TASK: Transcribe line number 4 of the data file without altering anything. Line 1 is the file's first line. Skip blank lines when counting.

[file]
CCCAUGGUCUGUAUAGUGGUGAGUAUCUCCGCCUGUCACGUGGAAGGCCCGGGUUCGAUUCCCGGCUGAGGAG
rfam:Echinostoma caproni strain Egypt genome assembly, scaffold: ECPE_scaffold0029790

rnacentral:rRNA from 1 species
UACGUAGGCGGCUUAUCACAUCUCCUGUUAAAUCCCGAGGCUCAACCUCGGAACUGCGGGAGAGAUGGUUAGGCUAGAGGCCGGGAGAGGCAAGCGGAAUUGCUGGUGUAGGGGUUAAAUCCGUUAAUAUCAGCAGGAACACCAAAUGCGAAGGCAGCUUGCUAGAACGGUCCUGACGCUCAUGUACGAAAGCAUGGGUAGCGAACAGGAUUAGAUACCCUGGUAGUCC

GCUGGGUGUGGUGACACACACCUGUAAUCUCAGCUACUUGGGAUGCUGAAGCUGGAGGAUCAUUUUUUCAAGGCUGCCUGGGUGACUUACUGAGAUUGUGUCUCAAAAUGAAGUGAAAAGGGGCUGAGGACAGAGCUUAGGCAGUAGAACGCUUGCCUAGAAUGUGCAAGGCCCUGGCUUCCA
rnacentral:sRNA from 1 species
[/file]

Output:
UACGUAGGCGGCUUAUCACAUCUCCUGUUAAAUCCCGAGGCUCAACCUCGGAACUGCGGGAGAGAUGGUUAGGCUAGAGGCCGGGAGAGGCAAGCGGAAUUGCUGGUGUAGGGGUUAAAUCCGUUAAUAUCAGCAGGAACACCAAAUGCGAAGGCAGCUUGCUAGAACGGUCCUGACGCUCAUGUACGAAAGCAUGGGUAGCGAACAGGAUUAGAUACCCUGGUAGUCC